This Life: Don’t scare them away

Alex Williams’s ability to converse and make friends has benefited hugely from a new willingness to listen

A nurse in a private clinic once told me I caused my own loneliness. At the time, I thought this was unfair. It was down to other people to speak to me and I had more than enough to deal with in completing a recovery programme for my anorexia.

Eight years later I realise what she meant. And for the first time I am being proactive in trying to meet people and change my approach to making friends.

Social contact is hard when you have mental health issues and have been in the psychiatric system for a long time. In addition, I am diagnosed with borderline personality disorder where the common experience is of intense relationships that can’t be sustained, leaving feelings of being hurt. People with this diagnosis tend to see people as all good or all bad and reveal too much about themselves early on and then regret it.

Deciding what to disclose to others is a big issue for me. I have spent time in a therapeutic community that caused me to reveal too much even after my time there ended. For example, I once started a job and my line manager offered to talk to me about any personal problems. She thought we could discuss things over a cup of tea and I would feel better. Instead, I revealed more than I should have done, talking to her about self-harm, trips to accident and emergency and problems with food.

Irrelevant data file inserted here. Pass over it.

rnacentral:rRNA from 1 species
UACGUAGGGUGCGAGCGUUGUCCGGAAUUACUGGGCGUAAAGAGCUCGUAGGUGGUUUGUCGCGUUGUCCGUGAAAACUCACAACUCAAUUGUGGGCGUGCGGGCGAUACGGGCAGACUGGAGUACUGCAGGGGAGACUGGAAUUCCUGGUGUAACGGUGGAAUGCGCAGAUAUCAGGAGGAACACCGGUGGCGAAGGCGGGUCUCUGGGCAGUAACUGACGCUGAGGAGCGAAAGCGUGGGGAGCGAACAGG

The talks did little to improve my wellbeing as she was clearly out of her depth and revealing so much of my past might have jeopardised my employment.

I found it safer to stick with those I met in treatment. We mainly talked about our mental health and, at times, became competitive over what help we could get and how self-destructive we could be. But all we had in common was a psychiatric diagnosis and we were all too lost in our own issues for a friendship.

As my health improved, I still wanted the company of “someone like me” and maintained e-mail contact with some of those who were in recovery. Sometimes, I think I have caused offence when a friend doesn’t reply quickly. They are amazing people and we have been through a lot together but I also needed to make friends outside psychiatry.

So I joined a local church and an assertiveness class. I am now learning to hold back information when meeting someone new and discuss strategies with my support worker and community psychiatric nurse. For example, they tell me not to mention my self-harm since it scares people. You don’t owe anyone an explanation in life and at first you can say as little as you want about yourself and instead ask questions about the people you are talking to. This shows an interest and breaks the ice.

I also have to be realistic. A new friendship used to feel like being in love, but now I do not feel rejected if it doesn’t work out. I have learned not to dismiss small talk and to listen carefully to others. So far they appear to have accepted me. Taking the risk has paid off.

Alex Williams is a volunteer and mental health service user

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